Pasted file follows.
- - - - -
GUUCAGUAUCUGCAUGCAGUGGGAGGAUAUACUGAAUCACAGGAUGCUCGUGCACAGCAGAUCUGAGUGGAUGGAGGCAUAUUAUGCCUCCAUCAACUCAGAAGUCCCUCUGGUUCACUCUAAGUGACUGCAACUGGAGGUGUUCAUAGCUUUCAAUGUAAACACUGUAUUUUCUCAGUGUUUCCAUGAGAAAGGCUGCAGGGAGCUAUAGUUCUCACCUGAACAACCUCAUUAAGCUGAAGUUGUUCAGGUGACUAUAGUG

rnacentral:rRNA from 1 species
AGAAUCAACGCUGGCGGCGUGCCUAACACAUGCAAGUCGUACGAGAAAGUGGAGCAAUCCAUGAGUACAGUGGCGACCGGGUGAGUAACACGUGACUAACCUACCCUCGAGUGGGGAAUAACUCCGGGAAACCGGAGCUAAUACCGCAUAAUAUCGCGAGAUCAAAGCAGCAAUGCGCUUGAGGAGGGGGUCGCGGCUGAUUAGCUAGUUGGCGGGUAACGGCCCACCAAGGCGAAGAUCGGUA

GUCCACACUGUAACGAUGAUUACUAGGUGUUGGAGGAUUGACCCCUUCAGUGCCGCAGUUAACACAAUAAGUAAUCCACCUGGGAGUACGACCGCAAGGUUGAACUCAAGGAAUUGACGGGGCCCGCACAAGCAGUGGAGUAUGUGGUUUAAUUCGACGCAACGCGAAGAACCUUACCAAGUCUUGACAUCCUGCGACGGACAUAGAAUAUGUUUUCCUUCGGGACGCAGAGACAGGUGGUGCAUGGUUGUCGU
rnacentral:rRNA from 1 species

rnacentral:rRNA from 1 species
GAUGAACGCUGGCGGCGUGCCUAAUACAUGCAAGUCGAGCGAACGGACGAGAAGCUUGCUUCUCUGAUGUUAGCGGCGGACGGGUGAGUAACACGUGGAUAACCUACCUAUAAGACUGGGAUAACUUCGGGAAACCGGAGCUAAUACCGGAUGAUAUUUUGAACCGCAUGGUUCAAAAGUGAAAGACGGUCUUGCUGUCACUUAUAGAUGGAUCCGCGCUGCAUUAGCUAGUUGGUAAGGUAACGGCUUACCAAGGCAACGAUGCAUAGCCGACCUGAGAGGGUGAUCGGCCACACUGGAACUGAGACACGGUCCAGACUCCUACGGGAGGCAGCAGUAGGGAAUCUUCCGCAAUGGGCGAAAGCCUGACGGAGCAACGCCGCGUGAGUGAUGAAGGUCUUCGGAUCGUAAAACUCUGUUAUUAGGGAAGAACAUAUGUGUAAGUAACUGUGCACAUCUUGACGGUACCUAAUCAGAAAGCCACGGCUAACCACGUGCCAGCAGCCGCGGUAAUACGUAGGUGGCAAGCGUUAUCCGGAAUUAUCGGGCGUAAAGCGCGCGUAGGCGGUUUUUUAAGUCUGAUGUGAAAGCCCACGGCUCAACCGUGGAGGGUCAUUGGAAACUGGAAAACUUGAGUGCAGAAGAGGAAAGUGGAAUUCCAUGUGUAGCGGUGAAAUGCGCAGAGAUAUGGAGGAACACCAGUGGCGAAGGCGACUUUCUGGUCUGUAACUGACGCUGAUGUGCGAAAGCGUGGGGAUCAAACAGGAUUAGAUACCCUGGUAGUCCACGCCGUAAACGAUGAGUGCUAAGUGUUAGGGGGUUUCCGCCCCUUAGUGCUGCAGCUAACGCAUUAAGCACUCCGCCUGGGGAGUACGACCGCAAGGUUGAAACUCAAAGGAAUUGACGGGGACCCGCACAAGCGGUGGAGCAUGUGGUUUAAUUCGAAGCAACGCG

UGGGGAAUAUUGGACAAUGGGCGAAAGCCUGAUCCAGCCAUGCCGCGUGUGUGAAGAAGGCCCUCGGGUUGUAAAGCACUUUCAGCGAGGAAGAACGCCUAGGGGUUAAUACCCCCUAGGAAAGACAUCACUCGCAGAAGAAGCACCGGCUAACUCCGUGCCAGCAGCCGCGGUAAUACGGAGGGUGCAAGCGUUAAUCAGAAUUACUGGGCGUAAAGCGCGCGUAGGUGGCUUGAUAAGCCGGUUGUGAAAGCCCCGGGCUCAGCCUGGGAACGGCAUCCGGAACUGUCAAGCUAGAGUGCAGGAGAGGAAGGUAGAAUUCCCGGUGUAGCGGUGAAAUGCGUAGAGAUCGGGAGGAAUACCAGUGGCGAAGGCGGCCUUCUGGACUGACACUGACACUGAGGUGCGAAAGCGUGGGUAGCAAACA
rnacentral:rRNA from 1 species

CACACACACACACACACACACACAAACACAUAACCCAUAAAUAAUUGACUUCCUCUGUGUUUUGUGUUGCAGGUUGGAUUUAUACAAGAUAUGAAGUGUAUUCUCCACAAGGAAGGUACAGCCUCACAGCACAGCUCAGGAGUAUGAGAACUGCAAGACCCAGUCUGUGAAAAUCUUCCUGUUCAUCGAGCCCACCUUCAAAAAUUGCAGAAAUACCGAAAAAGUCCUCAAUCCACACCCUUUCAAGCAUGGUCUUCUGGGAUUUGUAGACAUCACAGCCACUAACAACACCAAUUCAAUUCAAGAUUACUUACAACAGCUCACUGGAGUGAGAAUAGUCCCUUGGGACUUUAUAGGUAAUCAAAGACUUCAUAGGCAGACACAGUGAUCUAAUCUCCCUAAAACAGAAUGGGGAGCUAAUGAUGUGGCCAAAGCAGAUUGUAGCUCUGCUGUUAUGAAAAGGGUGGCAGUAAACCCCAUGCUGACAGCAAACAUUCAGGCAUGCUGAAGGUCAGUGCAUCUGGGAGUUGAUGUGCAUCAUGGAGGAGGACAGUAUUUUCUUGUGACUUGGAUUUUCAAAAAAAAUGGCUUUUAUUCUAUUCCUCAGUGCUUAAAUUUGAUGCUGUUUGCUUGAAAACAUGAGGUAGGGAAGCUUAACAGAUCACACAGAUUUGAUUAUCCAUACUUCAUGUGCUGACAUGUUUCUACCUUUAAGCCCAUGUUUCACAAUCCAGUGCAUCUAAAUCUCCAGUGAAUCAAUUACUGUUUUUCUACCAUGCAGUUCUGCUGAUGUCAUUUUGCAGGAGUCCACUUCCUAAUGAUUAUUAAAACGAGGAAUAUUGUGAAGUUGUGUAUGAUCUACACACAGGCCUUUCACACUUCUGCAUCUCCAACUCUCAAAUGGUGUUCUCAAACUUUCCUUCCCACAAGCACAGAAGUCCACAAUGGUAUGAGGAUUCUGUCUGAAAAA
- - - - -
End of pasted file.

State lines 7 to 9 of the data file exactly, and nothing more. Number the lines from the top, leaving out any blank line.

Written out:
GAUGAACGCUGGCGGCGUGCCUAAUACAUGCAAGUCGAGCGAACGGACGAGAAGCUUGCUUCUCUGAUGUUAGCGGCGGACGGGUGAGUAACACGUGGAUAACCUACCUAUAAGACUGGGAUAACUUCGGGAAACCGGAGCUAAUACCGGAUGAUAUUUUGAACCGCAUGGUUCAAAAGUGAAAGACGGUCUUGCUGUCACUUAUAGAUGGAUCCGCGCUGCAUUAGCUAGUUGGUAAGGUAACGGCUUACCAAGGCAACGAUGCAUAGCCGACCUGAGAGGGUGAUCGGCCACACUGGAACUGAGACACGGUCCAGACUCCUACGGGAGGCAGCAGUAGGGAAUCUUCCGCAAUGGGCGAAAGCCUGACGGAGCAACGCCGCGUGAGUGAUGAAGGUCUUCGGAUCGUAAAACUCUGUUAUUAGGGAAGAACAUAUGUGUAAGUAACUGUGCACAUCUUGACGGUACCUAAUCAGAAAGCCACGGCUAACCACGUGCCAGCAGCCGCGGUAAUACGUAGGUGGCAAGCGUUAUCCGGAAUUAUCGGGCGUAAAGCGCGCGUAGGCGGUUUUUUAAGUCUGAUGUGAAAGCCCACGGCUCAACCGUGGAGGGUCAUUGGAAACUGGAAAACUUGAGUGCAGAAGAGGAAAGUGGAAUUCCAUGUGUAGCGGUGAAAUGCGCAGAGAUAUGGAGGAACACCAGUGGCGAAGGCGACUUUCUGGUCUGUAACUGACGCUGAUGUGCGAAAGCGUGGGGAUCAAACAGGAUUAGAUACCCUGGUAGUCCACGCCGUAAACGAUGAGUGCUAAGUGUUAGGGGGUUUCCGCCCCUUAGUGCUGCAGCUAACGCAUUAAGCACUCCGCCUGGGGAGUACGACCGCAAGGUUGAAACUCAAAGGAAUUGACGGGGACCCGCACAAGCGGUGGAGCAUGUGGUUUAAUUCGAAGCAACGCG

UGGGGAAUAUUGGACAAUGGGCGAAAGCCUGAUCCAGCCAUGCCGCGUGUGUGAAGAAGGCCCUCGGGUUGUAAAGCACUUUCAGCGAGGAAGAACGCCUAGGGGUUAAUACCCCCUAGGAAAGACAUCACUCGCAGAAGAAGCACCGGCUAACUCCGUGCCAGCAGCCGCGGUAAUACGGAGGGUGCAAGCGUUAAUCAGAAUUACUGGGCGUAAAGCGCGCGUAGGUGGCUUGAUAAGCCGGUUGUGAAAGCCCCGGGCUCAGCCUGGGAACGGCAUCCGGAACUGUCAAGCUAGAGUGCAGGAGAGGAAGGUAGAAUUCCCGGUGUAGCGGUGAAAUGCGUAGAGAUCGGGAGGAAUACCAGUGGCGAAGGCGGCCUUCUGGACUGACACUGACACUGAGGUGCGAAAGCGUGGGUAGCAAACA
rnacentral:rRNA from 1 species